However, the rush in the evening sometimes leads to inadvertent mistakes. Unfortunately, on one busy day, Diana mistakenly wrote the wrong vault address in the cash flow order, specifying a local one instead of the central vault where the cassettes should have been placed. As a result, the next day, these bags with cassettes didn’t reach the ATMs, as the cash-in-transit service collected bags from the central vault as per schedule.

At the same time, the bank had to redirect cash-filled bags from one vault to another and conduct an internal investigation. This confusion affected logistics and financial reporting, causing delays for the staff and making it difficult to track cash movements.

The implementation of the new “ATM Bags” and “ATM Cassettes” functionality allows for automating the recording of loaded cash in an electronic format and ensures full control over the balance of each storage unit. The responsible cashier only needs to input the necessary data into the system, and the cash cassettes will be automatically accounted for in the corresponding bags and vaults.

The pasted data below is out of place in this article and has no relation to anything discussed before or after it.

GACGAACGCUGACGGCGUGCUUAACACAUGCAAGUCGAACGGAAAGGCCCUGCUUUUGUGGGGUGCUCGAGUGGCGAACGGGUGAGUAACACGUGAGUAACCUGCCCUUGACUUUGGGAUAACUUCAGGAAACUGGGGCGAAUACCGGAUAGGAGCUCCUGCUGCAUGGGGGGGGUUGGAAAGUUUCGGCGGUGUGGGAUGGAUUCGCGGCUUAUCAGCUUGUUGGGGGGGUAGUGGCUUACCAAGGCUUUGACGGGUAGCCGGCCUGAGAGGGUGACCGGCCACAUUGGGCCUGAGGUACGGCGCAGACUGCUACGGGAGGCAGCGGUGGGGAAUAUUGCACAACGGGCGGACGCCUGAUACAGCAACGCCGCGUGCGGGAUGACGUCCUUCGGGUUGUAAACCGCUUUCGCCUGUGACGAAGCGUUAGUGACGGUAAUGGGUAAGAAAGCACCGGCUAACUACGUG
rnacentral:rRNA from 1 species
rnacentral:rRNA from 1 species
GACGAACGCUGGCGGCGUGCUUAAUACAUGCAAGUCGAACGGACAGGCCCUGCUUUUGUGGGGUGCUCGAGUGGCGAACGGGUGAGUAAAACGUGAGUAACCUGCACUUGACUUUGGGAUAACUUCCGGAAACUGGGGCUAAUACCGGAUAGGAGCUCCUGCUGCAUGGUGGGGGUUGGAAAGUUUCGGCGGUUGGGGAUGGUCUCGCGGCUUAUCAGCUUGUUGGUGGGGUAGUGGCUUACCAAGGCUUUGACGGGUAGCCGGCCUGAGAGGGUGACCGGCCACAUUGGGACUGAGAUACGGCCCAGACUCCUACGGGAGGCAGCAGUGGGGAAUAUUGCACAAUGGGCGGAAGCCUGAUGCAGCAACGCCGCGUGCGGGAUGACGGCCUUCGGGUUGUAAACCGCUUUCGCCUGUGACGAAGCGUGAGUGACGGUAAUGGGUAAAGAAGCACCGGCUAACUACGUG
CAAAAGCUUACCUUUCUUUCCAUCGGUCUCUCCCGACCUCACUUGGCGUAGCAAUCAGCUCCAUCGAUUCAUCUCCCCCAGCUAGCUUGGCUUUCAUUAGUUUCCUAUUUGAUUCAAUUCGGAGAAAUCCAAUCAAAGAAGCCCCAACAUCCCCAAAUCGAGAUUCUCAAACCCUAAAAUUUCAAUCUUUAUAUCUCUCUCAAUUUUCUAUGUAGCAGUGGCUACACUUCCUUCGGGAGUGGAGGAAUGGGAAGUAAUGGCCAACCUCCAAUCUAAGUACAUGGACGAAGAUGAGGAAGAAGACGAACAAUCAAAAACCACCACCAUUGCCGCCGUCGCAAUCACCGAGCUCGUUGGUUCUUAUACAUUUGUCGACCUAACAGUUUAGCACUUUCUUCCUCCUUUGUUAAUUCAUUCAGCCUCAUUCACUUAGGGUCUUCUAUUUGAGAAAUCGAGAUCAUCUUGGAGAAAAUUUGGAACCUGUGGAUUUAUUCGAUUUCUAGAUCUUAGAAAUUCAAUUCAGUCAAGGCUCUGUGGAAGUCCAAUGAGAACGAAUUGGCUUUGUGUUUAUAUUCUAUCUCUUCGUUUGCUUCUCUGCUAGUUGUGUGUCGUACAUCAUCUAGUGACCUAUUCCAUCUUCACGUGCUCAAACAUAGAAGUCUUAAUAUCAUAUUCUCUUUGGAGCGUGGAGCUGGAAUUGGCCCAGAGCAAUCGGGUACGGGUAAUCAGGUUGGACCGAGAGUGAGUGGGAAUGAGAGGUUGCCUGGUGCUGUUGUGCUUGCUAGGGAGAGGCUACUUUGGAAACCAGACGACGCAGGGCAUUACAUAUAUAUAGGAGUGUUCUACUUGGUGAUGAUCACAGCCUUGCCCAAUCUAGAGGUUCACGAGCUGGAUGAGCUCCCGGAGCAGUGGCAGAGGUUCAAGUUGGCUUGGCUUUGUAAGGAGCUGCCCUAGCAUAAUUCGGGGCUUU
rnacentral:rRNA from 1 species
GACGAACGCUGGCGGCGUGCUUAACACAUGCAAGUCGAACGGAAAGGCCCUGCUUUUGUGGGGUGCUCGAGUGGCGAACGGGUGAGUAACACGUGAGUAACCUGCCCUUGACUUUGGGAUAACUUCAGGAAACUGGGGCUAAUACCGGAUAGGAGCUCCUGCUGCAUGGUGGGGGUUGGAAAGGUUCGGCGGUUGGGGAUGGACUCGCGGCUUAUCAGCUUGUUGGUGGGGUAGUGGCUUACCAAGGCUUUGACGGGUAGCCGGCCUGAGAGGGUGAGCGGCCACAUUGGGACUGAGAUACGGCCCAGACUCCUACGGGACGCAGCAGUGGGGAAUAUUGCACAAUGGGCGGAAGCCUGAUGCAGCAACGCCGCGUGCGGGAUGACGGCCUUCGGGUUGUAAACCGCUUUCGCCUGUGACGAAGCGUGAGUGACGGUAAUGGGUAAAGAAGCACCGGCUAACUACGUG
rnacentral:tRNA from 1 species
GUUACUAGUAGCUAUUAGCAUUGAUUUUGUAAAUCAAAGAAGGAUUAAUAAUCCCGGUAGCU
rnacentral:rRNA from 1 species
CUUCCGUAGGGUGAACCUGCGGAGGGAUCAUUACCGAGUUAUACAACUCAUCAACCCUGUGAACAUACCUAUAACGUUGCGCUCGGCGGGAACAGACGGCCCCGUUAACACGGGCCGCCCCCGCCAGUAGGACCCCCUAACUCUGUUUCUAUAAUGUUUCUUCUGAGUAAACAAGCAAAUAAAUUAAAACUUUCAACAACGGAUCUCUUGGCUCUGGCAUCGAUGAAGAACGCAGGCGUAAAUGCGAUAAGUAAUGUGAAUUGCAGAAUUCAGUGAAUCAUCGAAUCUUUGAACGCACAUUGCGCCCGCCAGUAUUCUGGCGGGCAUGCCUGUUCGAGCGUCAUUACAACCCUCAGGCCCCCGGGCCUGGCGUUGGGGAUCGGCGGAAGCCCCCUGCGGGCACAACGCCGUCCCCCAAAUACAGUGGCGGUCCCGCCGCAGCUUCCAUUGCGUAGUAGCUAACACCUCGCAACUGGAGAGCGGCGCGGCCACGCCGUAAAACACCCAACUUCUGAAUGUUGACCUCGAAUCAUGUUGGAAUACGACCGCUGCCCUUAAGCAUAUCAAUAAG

For each vault the system preserves and displays the following information:

    • Beginning-of-day balance of cash and valuables
    • Total balance, taking into account the cash held in cassettes and bags
    • Changes in balance due to incoming and outgoing operations
    • End-of-day balance of cash and valuables

    The process of loading cash into cash cassettes and bags has become accessible to all participants

    The automated cash accounting system for cash cassettes and bags, integrated into the “ATM Cassettes” and “ATM Bags” vault balances, allows for centralized and simultaneous data access. Access levels depend on the employees’ authority and responsibilities.

    Typical situation at bank #2

    The bank’s accountants noticed a discrepancy in the cash holdings within the vaults. Upon investigation, they identified an error in the manual recording of cash bags during the cash-in-transit process.